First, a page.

Textiles workshops: printmaking & natural dyeing

May 12, 2018

In the last few years I have been eager to learn more about textile design. So I have embarked in a craft journey where I have touched different practices from drawing for textile, to screen & block printing on fabric to natural dyeing. As I have been asked a few times where I did some of my courses, I thought I’d talk about everything here. Plus I have added other suggestions of places where you can study these different techniques.

Screen printing on fabric workshop (weekend) at Central Saint Martins, in London with the talented textile designer Kangan Arora

This course runs over 2 intensive days. You need to arrive prepared with a design in mind so you can start drawing straight away. I picked a few citrus photos, made a collage of them and then we photocopied the repeated pattern black & white so we could prepare the screens. Then we just went on printing. I loved this weekend workshop as Kangan was very helpful and gave us great guidance. Plus the school offers amazing equipment and lots of space for us to print despite a group of 10 to 12 people. I have never used the tea towel but the colours (non natural inks) on tote bags are still vivid.

screen printed tea towel

Screen printed tea towel (2 colours in 2 runs)

Mix of screen printed tote bags & tea towel

screen printed tote bag

Screen printed tote bag (4 colours in one run)

More details on Kangan’s website here and Central Saint Martins short courses section here.

Drawing & painting for textile design with Dominique l’Olive in London, Central Saint Martins (also available online).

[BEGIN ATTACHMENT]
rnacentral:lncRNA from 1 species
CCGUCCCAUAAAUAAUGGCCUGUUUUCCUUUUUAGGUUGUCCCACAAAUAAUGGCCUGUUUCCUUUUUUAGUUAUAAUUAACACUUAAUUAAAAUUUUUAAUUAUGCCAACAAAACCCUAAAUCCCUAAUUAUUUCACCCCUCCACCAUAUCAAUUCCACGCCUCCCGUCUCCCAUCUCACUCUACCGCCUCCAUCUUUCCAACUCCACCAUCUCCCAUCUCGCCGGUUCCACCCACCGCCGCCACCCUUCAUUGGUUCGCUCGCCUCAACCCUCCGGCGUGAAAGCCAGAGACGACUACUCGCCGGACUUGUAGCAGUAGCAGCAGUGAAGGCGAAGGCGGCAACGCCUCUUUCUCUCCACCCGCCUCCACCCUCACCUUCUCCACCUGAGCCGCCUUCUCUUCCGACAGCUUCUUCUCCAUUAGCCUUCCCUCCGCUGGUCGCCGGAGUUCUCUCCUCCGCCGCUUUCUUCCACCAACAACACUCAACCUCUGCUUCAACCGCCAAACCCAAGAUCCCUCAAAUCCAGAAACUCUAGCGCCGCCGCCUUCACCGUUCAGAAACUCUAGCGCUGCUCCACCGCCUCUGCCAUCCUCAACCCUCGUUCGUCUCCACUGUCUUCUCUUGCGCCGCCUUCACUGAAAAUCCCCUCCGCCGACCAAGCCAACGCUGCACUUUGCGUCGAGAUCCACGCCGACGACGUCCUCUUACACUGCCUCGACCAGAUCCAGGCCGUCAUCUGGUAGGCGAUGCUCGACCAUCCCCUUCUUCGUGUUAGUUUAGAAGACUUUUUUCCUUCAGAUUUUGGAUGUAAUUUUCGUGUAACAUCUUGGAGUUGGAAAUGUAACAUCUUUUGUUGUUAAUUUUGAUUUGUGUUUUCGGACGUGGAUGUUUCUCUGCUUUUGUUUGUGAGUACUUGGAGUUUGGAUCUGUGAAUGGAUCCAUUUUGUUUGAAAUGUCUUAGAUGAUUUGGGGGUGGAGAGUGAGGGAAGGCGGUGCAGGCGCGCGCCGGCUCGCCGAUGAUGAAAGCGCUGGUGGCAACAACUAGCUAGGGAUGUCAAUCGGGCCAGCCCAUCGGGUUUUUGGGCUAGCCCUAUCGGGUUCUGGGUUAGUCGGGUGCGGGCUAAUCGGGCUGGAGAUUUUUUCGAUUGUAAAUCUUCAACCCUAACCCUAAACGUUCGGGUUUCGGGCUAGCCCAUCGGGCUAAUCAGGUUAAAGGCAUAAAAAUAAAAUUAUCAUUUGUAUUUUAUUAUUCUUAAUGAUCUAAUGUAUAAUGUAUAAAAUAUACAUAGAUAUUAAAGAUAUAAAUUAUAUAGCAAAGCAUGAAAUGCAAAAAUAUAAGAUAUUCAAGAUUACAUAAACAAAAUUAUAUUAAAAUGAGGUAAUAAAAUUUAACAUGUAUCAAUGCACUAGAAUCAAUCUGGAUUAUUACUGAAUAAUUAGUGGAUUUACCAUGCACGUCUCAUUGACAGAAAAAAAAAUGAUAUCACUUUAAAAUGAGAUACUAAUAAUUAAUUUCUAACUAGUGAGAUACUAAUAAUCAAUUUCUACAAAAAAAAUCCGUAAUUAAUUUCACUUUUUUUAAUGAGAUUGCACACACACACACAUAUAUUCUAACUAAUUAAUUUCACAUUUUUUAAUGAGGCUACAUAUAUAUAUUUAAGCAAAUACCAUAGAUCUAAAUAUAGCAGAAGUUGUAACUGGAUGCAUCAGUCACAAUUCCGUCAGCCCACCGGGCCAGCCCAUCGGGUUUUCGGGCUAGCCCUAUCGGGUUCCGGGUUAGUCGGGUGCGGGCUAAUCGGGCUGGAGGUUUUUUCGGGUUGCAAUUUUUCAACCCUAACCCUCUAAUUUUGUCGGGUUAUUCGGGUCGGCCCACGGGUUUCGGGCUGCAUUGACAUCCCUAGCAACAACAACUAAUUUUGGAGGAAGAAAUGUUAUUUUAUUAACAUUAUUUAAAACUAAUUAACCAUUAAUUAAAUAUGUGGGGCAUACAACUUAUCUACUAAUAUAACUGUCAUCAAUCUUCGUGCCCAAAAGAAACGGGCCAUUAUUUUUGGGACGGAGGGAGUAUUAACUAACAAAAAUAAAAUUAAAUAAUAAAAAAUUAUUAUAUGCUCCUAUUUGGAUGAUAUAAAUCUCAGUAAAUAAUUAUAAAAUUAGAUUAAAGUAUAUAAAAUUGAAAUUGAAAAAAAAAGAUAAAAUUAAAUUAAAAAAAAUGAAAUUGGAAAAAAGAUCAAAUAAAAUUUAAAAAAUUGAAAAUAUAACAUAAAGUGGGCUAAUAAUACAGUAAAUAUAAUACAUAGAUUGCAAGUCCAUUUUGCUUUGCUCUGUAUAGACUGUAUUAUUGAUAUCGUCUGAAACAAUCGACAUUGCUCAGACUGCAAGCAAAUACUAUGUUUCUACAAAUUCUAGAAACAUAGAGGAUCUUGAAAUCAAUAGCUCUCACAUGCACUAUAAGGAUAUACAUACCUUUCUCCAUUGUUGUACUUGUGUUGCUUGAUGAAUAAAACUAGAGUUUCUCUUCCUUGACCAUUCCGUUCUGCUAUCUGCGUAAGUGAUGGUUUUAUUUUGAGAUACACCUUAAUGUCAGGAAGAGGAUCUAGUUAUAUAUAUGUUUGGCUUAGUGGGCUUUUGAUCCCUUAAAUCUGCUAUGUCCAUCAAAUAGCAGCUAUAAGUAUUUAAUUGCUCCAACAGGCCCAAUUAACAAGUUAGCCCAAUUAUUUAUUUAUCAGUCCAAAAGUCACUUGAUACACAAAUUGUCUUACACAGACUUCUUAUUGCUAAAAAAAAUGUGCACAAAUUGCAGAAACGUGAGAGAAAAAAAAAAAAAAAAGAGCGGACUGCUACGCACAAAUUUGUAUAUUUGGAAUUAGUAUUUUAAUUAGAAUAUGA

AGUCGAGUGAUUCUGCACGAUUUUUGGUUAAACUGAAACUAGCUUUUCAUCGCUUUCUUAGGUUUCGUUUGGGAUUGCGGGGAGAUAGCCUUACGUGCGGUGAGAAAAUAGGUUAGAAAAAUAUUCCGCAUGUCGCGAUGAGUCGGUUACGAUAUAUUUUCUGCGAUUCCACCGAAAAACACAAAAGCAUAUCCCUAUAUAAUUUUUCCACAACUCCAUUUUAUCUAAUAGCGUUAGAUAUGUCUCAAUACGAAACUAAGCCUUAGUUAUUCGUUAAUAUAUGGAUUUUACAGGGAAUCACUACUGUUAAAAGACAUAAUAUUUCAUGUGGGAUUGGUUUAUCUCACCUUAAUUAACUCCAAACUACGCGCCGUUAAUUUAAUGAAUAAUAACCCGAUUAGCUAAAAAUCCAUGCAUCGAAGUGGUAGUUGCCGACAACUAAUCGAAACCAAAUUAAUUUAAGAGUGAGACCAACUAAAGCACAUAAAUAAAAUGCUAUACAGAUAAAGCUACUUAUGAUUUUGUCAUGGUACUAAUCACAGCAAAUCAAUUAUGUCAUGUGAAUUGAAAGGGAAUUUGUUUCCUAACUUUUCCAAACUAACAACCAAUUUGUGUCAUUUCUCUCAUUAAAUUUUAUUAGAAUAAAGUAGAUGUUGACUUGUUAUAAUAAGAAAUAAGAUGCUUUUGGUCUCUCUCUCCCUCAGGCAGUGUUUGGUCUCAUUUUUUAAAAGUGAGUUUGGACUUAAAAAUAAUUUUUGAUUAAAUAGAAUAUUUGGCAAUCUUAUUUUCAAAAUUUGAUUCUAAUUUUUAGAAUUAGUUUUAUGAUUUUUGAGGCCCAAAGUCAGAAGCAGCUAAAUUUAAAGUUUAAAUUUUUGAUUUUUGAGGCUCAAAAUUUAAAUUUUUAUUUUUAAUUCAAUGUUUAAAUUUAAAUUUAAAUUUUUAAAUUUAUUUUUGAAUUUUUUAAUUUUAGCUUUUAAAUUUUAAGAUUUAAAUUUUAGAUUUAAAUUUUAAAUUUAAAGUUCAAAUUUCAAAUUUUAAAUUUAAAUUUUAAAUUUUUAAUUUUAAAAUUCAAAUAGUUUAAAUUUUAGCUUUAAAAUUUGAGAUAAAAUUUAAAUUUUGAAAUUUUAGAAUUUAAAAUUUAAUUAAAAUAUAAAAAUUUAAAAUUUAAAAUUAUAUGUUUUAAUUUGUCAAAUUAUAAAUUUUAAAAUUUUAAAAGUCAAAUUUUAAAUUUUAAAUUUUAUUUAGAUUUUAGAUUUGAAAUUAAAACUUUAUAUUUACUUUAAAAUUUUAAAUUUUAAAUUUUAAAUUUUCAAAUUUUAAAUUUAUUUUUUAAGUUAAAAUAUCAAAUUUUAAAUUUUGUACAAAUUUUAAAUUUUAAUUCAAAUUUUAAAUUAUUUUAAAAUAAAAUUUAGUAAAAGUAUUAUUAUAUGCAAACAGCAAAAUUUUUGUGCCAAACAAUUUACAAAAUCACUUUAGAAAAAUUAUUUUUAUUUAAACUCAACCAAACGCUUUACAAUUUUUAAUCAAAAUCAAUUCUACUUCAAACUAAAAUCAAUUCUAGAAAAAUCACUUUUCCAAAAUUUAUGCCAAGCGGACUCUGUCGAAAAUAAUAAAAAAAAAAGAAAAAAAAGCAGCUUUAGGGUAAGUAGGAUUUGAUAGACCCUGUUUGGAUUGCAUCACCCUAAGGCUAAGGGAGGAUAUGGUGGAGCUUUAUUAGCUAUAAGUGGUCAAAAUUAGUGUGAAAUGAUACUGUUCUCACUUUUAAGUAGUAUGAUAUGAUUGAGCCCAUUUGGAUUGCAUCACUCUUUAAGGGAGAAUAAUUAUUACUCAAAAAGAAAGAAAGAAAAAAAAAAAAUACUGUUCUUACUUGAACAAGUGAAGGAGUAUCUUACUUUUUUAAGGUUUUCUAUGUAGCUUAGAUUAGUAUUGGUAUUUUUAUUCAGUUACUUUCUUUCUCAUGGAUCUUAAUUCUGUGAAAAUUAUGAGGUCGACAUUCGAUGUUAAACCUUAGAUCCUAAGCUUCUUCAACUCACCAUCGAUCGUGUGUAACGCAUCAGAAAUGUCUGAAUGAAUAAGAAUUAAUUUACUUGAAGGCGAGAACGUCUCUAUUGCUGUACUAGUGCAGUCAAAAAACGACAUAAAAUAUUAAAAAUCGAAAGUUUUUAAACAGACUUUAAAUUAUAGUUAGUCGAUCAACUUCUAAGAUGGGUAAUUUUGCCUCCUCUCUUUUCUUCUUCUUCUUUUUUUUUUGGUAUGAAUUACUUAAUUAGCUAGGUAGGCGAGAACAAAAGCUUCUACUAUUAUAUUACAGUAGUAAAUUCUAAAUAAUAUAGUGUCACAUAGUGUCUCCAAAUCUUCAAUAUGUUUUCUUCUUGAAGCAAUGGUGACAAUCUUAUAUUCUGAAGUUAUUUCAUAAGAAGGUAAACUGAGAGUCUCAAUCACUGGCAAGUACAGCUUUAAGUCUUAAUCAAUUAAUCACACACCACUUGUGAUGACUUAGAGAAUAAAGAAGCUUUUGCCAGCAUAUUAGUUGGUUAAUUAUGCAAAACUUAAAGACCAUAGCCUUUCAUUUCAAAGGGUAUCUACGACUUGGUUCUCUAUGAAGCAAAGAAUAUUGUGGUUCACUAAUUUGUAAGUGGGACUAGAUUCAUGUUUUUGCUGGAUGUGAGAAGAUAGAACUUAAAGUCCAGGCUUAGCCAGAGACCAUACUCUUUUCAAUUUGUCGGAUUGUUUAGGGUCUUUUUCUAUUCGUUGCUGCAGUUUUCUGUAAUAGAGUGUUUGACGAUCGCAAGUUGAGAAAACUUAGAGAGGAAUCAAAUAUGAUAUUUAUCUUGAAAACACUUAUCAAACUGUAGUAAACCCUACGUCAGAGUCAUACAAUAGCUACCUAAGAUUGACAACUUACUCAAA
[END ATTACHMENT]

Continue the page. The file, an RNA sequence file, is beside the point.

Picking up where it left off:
This course covers five days or 6 sessions of 1h30 over 6 weeks (online or on site). I loved this course thanks to Dominique who is an extra teacher, very inspiring and very funny too. She pushes you in your entrenchments to bring out your creativity and explores with you colours, textures and other techniques on paper that are prerequisite before any phase of printing on fabric. You start from a mood board and decline a series of designs around the same idea. After this course, I continued to work with Dominique to develop mood boards around my travels in Australia and Greece in particular. I keep them preciously for later …

Textile Print Design in London at the Chelsea College of Arts

This course runs over four days. It seems long but in fact time just flies. You need to arrive prepared with a design in mind so you can start drawing straight away. At the time I was a little obsessed with frangipani flowers. So on the first day I made some samples with a rubber block print, then we printed on paper and then photocopied the repeated pattern black & white so we could prepare the screens. The following days were spent printing and exploring different inks, etc. I really enjoyed this course too, as the school again offers plenty of space with massive printing tables and is well equipped. I am still yet to make some drawstring bags out of some of these samples…

Screen printed fabric samples with pattern repeat